will result in more or less trail damage, but this fact applies to everyone.
Since land managers can not stop everyone from using their respective parks,
rules have been created to maintain some form of trail protection.
Some rules may be foolish like; "why can we not bike during the winter when
the ground is frozen", or "why are we just limited to one mountain bike loop
that is mostly fire road?" But these are the rules.
Here in Massachusetts the mountain
bike community is fortunate to have many parks (public and private) open
year round to mountain biking with few closed during the winter months and
even fewer completely off limits to mountain biking. But regardless a
park is open year round to mountain bikers, this particular time of the year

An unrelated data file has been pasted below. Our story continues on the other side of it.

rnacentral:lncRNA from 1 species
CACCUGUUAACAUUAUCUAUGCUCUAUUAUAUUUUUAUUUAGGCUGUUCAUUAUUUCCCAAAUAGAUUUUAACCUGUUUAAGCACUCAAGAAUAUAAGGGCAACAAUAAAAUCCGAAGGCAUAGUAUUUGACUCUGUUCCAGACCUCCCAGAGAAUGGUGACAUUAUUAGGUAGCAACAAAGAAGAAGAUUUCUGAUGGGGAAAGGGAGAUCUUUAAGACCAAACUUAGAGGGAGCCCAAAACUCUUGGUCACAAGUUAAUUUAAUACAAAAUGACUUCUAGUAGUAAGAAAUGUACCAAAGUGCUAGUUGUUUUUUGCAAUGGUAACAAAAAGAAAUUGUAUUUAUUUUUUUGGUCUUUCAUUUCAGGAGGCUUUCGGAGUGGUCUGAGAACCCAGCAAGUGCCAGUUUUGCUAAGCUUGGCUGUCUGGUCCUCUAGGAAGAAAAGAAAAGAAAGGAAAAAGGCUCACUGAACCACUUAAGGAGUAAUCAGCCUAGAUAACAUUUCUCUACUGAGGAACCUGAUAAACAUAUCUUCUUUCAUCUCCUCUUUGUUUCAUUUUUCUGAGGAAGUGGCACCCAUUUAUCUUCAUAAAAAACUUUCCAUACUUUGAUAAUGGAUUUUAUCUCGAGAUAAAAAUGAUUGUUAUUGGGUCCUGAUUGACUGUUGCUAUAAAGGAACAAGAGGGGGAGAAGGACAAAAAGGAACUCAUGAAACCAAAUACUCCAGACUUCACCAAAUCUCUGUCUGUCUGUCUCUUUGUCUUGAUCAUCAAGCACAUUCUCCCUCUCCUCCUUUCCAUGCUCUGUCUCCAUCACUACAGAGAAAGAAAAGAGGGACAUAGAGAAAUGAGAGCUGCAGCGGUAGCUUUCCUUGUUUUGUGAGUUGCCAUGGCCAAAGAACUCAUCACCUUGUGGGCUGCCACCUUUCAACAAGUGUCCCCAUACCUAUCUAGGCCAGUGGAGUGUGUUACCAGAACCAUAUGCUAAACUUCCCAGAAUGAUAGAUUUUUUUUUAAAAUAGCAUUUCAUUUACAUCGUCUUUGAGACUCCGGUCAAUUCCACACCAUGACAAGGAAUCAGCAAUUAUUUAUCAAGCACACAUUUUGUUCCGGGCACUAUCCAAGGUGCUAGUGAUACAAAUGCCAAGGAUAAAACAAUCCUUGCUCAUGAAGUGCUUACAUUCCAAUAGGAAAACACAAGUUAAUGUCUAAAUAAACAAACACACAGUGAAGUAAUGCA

(March – May) is a sensitive period for our favorite trails. Soil
type, wet weather conditions and melting snow all make the trail thread
soft. When you ride your bike on a muddy trail and/or a section of
mud, your tires act like a knife cutting into the trail leaving ruts.
These ruts then fill with water and over time erode the trail to a point
that it becomes unappealing to all park users…even mountain bikers!
All this boils down to having some
common sense. Every year the mountain community goes through the same
drill about wet trail conditions. Every year Mountain Bike Advocacy
groups come under fire because of bikers whom have that; "I don’t give a
S@#T attitude." Again, it’s having some common sense when riding wet
muddy trails. No one is telling the entire mountain bike community
that you can not ride your bike during this time of the year. If the
park and or trail is closed, then all we can ask is that you follow the
rules as best as possible and become part of "The Solution" instead part of
"The Problem" as perceived by non-mountain bikers. If the trails are
open and you see a muddy section, try to avoid it or make best efforts to
cause minimal trail damage. Better yet, take a picture, mark that